The "corn cracker" is thus described in the History of Montgomery County. "Four posts were set in the ground, about four feet apart, two on each side of the creek, forming a square; the posts stood four feet above ground, and on top of them was a puncheon floor, and on that a small pair of buhrs were set. To the perpendicular shaft the I runner' was attached; the shaft passed through the bedstone, and at the lower end was the horizontal tub wheel. Four forks were planted to hold the poles on which were laid the clap-board roof to keep the rain out of the hopper. The sides of the mill were not inclosed." Rude and primitive as this mill was, settlers came to it from nearly the whole of the Miami Valley and from up Mad River as far as Springfield. He "obtained all the custom of town, and took toll from the Trojans and Pequods." About 1800 a small overshot mill was built in Mad River Township, on McConnell's Creek. After this date, mills improved and increased in number. Limestone or granite boulders furnished material for buhrs, and millers generally made their own.

            This year (1799) Mr. Cooper began to raise hogs on his farm. They had not before been introduced. They fattened rapidly in the woods on the great quantity of acorns and beech nuts, which they found there.

            The nuts that furnished nutritious food for the hogs were not a blessing without alloy. The unusual amount of mast which ripened in 1801 and 1802 attracted immense flocks of wild turkeys to the settlement.

            They did not confine themselves to the forest, but alighted in felds and gardens, destroying the growing corn and eating such quantities as it matured, that, to save the crop, it was necessary to gather it very early.

            The hogs were hunted in the fall and shot with rifes, for they became very wild and savage, and went in droves. Experience taught them to defend themselves from the wolves, and to protect their pigs by making a circle around them. They sometimes tore a wolf to pieces with their tusks. When pigs were kept in pens, they were roofed with heavy logs to exclude the wolves. Wildcats and panthers also attacked hogs. Panthers were so strong that they could carry a hog for a long (page 65) distance, through deep snow, into the woods. One day a man heard a disturbance among his hogs, which he kept on the north side of the river, opposite Ludlow Street, and crossed over in a canoe to see what was the matter. While looking about, he heard something fall to the ground tinder a leaning tree, which proved to be a dead hog dropped by a panther. The animal came down the tree and disappeared in the woods without attacking the man.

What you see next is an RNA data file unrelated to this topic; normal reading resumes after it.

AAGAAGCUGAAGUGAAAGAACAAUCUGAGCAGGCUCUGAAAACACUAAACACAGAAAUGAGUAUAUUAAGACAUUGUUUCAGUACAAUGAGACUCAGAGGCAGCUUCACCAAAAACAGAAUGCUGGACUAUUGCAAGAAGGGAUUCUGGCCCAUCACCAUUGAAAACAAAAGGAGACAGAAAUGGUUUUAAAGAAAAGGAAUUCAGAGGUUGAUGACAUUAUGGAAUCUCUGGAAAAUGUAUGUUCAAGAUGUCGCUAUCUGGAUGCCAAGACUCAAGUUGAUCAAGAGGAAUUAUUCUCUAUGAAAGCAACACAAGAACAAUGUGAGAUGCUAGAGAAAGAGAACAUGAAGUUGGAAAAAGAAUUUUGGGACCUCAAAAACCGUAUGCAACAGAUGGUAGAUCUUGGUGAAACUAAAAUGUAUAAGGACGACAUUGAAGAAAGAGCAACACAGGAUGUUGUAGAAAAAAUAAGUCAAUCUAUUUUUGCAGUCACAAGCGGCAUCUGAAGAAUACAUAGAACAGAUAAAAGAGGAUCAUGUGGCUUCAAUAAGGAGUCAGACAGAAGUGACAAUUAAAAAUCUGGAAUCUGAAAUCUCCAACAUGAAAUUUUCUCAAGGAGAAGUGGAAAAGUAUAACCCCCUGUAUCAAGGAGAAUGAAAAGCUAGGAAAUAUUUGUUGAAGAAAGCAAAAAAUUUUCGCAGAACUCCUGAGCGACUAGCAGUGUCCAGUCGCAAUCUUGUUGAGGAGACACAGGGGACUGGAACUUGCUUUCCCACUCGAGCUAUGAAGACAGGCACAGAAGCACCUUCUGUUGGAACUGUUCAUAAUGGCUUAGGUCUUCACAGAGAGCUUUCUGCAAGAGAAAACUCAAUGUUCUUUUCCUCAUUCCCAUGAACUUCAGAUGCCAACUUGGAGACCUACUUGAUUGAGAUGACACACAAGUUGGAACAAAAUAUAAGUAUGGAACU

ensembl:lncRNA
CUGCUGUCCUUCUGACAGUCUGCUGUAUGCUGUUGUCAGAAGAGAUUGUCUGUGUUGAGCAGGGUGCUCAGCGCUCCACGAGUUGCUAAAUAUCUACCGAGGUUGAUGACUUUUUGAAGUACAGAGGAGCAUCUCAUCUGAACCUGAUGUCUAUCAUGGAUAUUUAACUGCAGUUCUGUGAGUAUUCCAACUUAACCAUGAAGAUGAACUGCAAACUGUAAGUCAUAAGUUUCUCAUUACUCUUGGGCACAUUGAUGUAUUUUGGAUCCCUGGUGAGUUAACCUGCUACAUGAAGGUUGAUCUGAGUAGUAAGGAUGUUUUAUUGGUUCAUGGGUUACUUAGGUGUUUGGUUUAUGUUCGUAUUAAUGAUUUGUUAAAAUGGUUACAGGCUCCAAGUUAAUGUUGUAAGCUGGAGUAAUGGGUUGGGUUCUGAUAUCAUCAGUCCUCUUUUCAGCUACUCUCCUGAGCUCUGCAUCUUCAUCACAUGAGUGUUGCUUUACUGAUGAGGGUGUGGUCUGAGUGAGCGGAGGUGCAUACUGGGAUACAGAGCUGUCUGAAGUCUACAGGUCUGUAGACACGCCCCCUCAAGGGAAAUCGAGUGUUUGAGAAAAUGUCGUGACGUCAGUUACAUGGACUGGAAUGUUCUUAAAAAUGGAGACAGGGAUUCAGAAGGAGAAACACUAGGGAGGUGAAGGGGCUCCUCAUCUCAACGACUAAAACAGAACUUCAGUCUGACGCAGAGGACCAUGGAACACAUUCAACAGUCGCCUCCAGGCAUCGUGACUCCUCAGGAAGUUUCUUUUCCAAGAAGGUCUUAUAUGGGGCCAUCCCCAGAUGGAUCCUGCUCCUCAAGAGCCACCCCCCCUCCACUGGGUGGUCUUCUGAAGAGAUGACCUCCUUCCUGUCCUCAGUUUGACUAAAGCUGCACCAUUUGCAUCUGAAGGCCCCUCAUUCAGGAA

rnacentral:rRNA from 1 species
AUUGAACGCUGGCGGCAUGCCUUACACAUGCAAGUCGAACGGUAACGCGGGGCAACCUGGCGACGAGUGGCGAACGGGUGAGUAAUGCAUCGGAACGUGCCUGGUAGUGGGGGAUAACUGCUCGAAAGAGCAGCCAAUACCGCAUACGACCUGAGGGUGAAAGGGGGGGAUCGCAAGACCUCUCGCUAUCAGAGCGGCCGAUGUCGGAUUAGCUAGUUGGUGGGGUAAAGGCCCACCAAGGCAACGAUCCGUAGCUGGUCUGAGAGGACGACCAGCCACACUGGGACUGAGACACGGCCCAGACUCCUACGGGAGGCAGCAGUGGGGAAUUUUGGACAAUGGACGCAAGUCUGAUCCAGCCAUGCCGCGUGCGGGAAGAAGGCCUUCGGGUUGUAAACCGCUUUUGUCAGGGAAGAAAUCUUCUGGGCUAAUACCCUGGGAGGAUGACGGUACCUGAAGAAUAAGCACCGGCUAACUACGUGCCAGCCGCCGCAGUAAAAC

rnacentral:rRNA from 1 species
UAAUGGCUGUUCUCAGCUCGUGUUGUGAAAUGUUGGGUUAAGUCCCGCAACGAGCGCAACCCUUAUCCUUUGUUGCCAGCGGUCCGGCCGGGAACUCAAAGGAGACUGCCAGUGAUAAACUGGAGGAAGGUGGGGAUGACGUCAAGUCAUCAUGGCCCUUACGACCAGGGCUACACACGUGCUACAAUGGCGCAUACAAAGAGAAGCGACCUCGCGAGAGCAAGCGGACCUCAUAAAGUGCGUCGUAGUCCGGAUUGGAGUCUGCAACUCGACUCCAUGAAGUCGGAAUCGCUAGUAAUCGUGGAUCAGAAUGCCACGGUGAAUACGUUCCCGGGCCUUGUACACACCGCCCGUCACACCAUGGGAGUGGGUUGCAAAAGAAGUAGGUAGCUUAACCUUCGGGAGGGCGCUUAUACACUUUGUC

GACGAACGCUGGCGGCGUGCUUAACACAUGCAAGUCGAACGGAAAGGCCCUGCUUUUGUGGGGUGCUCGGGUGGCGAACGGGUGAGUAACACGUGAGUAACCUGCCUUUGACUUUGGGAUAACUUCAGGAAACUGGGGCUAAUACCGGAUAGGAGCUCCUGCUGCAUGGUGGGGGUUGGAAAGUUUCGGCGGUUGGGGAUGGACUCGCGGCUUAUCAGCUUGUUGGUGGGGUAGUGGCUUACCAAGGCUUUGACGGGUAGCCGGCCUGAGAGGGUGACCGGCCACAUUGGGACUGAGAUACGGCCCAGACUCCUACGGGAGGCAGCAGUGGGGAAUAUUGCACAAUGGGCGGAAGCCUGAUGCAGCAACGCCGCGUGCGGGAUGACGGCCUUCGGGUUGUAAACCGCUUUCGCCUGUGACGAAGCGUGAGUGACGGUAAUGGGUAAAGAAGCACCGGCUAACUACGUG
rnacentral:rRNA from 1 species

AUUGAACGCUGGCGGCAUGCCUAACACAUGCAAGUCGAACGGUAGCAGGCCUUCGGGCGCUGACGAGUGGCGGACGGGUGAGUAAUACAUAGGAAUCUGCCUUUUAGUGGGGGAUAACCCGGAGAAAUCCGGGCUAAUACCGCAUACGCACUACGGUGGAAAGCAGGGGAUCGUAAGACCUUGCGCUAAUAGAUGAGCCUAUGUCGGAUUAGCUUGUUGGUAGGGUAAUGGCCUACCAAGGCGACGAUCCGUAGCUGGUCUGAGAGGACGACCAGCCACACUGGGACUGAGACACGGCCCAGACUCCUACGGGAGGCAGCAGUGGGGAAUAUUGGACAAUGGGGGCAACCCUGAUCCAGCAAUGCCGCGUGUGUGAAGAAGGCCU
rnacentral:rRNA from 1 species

The first flatboat was launched in the winter of 1799, near McDonnell's Creek by David Lowry. It was loaded in Dayton with grain, pelts, and five hundred venison hams, and when the spring freshet raised the river, started on the two months' trip to New Orleans. The voyage was safely accomplished. Lowry sold his cargo and boat and returned home on horseback. Many Ohio men laid the foundations of their fortunes by taking a flat boat load of provisions south.

            In 1800 sheep were introduced. They were difficult to raise, as they were unable to protect themselves against wolves. It was necessary to shut them up securely at night and to keep constant guard over them when pasturing.

            For the first three or four years the settlers had purchased all their f lour, groceries, dry goods, hardware, and whisky, and most of their corn meal in Cincinnati. They were usually brought on pack horses. It was a long journey of nearly a week over a rough road, or of ten days if the traveler came by boat.

            The charge for transportation was two dollars and fifty cents per hundred weight. Flour was nine dollars a barrel, and it cost five dollars              to bring a barrel to Dayton. Corn was one dollar per bushel. The following list of Cincinnati prices in 1799 has been preserved. American merchants had not yet learned to use the United States currency, and their charges were in pounds, shillings, and pence. Imperial tea, twenty-two shillings six pence per pound; Hyson, sixteen shillings ten pence; loaf sugar, four shillings; flour, eighteen shillings ten pence per one hundred pounds; pork, eighteen shillings nine pence; beef, twenty-two shillings six pence; wheat, five shillings; rye, three shillings; corn, one shilling ten pence per one hundred pounds.